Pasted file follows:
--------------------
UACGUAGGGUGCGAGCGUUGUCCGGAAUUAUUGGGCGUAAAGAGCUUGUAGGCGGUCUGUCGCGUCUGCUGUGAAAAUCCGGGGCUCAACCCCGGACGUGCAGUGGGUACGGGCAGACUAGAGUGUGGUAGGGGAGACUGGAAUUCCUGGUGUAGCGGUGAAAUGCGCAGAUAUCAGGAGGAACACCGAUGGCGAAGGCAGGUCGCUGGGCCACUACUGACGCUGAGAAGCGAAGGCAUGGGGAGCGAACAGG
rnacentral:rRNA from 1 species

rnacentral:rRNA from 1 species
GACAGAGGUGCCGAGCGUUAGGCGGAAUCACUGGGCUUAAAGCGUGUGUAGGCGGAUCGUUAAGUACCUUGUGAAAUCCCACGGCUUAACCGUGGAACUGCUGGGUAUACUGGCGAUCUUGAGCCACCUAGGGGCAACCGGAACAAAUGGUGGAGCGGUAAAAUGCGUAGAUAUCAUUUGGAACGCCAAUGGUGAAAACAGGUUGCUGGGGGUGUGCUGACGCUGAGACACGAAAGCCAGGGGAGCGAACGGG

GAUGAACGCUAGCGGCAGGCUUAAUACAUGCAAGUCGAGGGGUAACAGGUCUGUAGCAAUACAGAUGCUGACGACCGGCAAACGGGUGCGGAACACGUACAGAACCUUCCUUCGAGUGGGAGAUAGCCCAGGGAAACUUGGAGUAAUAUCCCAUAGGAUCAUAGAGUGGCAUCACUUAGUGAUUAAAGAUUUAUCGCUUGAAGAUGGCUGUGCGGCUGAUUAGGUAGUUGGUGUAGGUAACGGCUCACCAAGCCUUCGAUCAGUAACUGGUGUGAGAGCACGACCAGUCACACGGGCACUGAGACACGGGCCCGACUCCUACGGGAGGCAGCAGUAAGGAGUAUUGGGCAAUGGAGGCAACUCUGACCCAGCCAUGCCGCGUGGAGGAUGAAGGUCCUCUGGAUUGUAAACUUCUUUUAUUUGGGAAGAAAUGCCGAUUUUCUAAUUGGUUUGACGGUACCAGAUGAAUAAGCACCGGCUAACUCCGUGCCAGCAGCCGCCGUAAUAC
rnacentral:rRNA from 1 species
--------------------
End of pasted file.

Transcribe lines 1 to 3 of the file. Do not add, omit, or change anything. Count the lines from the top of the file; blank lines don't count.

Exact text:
UACGUAGGGUGCGAGCGUUGUCCGGAAUUAUUGGGCGUAAAGAGCUUGUAGGCGGUCUGUCGCGUCUGCUGUGAAAAUCCGGGGCUCAACCCCGGACGUGCAGUGGGUACGGGCAGACUAGAGUGUGGUAGGGGAGACUGGAAUUCCUGGUGUAGCGGUGAAAUGCGCAGAUAUCAGGAGGAACACCGAUGGCGAAGGCAGGUCGCUGGGCCACUACUGACGCUGAGAAGCGAAGGCAUGGGGAGCGAACAGG
rnacentral:rRNA from 1 species

rnacentral:rRNA from 1 species